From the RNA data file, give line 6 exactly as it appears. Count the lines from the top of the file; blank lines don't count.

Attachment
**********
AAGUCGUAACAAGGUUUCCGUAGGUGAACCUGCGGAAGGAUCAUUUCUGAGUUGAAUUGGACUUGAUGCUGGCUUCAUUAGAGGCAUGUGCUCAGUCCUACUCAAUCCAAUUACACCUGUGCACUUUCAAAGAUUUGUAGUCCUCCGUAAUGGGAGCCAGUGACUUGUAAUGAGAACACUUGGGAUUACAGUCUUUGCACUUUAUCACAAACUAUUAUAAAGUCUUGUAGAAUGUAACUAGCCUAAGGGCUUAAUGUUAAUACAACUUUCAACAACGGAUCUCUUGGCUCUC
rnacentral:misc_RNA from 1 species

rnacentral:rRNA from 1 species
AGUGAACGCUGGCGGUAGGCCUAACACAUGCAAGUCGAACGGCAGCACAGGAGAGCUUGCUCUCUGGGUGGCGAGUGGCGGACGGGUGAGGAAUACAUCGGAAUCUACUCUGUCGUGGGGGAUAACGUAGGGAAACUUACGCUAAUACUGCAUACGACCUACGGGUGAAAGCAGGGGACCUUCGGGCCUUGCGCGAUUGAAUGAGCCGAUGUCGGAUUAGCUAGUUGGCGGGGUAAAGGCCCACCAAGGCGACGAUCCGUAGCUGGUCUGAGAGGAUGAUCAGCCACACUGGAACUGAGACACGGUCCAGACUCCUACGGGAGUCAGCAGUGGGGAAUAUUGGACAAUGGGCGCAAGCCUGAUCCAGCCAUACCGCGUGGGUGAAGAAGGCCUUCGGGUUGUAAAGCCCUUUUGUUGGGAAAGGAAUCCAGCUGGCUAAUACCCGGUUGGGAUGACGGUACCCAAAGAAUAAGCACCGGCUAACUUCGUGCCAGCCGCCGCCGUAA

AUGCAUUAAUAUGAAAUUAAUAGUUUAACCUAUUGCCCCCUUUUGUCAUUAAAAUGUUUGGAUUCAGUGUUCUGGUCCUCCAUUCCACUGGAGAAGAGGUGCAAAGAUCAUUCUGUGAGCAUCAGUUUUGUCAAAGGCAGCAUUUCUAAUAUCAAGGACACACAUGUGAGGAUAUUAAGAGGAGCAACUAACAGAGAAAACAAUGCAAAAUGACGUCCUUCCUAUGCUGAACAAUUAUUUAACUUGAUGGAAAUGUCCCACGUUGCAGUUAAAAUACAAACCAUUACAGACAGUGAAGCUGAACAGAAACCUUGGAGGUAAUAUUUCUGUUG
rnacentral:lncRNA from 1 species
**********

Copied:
rnacentral:lncRNA from 1 species